“Drab-looking, working-class women rubbed shoulders with elegant ladies perched on wooden platform shoes. One of the most evocative street sounds in silent, war-time Paris was the click of these wooden shoes on the pavements. Platform sandals, which looked like the footwear of actors in classical Greek drama, were later to be revived by Yves Saint-Laurent.”

From: “Things I Remember” (Quadrangle, 1975) 

Paris during WWII
Photograph by André Zucca | Bibliothèque historique de la Ville de Paris
© André Zucca / BHVP / Roger-Viollet

Original caption:
World War II. Bonded fibre shoes with wooden soles. Photograph by André Zucca (1897-1973). Bibliothèque historique de la Ville de Paris.

A very interesting shoe: arch & heel assembly (predating Davin Levin by two years) mixed with the concept of the articulated sole, in short split platform. The manufacturer remains unknown but at lest the Parisian designer deserves some credit: enter Léandre Grégoire Renaldo about which nothing is known but being the creator of more than one outstanding design. Here Renaldo shares the credit with one Joseph Sciroppo.

1938 | Léandre Grégoire Renaldo & Joseph Sciroppo
Filed December 8, 1938 | Granted June 26, 1939
Source: IPEXL

The split platform concept was also patented five years later by Salvatore Ferragamo, but it is fair to say that Ferragamo introduced his split platform back in 1938 a few months before Leandre G. Renaldo, although the patent is nowhere to be found (for now) .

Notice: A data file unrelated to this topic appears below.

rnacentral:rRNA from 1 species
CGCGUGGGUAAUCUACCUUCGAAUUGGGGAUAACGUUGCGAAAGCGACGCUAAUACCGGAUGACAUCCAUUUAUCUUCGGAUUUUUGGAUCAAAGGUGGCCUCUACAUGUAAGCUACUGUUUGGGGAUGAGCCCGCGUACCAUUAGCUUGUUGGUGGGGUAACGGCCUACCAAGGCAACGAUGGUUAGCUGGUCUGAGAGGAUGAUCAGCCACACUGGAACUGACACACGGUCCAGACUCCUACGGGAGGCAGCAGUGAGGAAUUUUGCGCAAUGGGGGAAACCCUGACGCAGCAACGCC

Salvatore Ferragamo
Patent granted April 20, 1943
Source: Archivio Centrale dello Stato

1943 | Salvatore Ferragamo
Multicolored wooden split platform wedge | carved and painted
Source: Archivi della Moda del Novecento

Raffia and wooden split platform
Source: DEA Picture Library - Alinari


[ 1 ]

The original caption of the autarchy wooden sandal reads:

Fashion, 20th century. Shoe with cork sole in use in the 1940s. DeA Picture Library, licensed by Alinari.

which mistook cork for wood and completely missed the point about the split platform. They also forgot to mention that the sandal belongs to the International Footwear Museum of Vigevano's collection. Another victim of the cruel analog-to-digital conversion.

[ 2 ]

Three years later Renaldo (without mr. Sciroppo) patented a simplified version and apparently it got noticed a few years later.

1941 | Léandre Grégoire Renaldo
Filed September 18, 1941 | Granted February 19, 1944
Source: INPI (Institute National de la Propriété Industrielle - France)

Hot on the heels of Léandre Grégoire Renaldo
Lanvin 2011
Alexander Wang S/S 2015
And countless others ...